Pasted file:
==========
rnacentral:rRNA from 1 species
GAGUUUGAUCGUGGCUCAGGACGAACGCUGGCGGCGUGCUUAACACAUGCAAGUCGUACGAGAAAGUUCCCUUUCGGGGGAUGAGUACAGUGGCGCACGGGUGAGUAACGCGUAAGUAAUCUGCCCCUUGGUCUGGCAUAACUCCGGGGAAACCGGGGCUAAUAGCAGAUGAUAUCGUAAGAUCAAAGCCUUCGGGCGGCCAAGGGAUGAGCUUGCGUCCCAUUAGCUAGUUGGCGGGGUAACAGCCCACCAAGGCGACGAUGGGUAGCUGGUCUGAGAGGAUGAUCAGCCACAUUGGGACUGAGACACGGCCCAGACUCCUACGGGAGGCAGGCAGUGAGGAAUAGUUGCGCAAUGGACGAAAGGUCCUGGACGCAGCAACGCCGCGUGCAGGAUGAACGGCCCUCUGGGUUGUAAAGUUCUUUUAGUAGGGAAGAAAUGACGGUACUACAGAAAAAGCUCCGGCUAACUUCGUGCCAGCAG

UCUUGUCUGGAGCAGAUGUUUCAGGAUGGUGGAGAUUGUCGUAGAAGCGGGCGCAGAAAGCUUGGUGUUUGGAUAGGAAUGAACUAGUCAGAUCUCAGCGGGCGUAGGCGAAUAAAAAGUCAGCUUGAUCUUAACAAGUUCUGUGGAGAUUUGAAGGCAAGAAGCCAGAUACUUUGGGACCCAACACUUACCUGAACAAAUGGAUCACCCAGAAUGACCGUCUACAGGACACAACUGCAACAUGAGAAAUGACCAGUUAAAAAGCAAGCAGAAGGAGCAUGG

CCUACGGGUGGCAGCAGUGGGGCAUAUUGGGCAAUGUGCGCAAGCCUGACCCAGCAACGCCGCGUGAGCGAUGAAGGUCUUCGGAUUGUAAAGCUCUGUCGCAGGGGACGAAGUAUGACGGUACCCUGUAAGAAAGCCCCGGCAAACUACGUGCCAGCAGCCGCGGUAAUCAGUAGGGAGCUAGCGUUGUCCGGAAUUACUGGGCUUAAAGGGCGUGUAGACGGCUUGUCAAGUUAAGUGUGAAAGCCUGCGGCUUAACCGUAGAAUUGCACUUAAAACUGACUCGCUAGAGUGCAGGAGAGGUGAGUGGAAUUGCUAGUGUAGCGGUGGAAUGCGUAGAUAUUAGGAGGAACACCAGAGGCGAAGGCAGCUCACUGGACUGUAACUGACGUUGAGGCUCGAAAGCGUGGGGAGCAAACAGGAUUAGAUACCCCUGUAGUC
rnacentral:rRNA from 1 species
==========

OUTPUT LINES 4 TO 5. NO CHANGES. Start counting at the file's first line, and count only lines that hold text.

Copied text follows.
CCUACGGGUGGCAGCAGUGGGGCAUAUUGGGCAAUGUGCGCAAGCCUGACCCAGCAACGCCGCGUGAGCGAUGAAGGUCUUCGGAUUGUAAAGCUCUGUCGCAGGGGACGAAGUAUGACGGUACCCUGUAAGAAAGCCCCGGCAAACUACGUGCCAGCAGCCGCGGUAAUCAGUAGGGAGCUAGCGUUGUCCGGAAUUACUGGGCUUAAAGGGCGUGUAGACGGCUUGUCAAGUUAAGUGUGAAAGCCUGCGGCUUAACCGUAGAAUUGCACUUAAAACUGACUCGCUAGAGUGCAGGAGAGGUGAGUGGAAUUGCUAGUGUAGCGGUGGAAUGCGUAGAUAUUAGGAGGAACACCAGAGGCGAAGGCAGCUCACUGGACUGUAACUGACGUUGAGGCUCGAAAGCGUGGGGAGCAAACAGGAUUAGAUACCCCUGUAGUC
rnacentral:rRNA from 1 species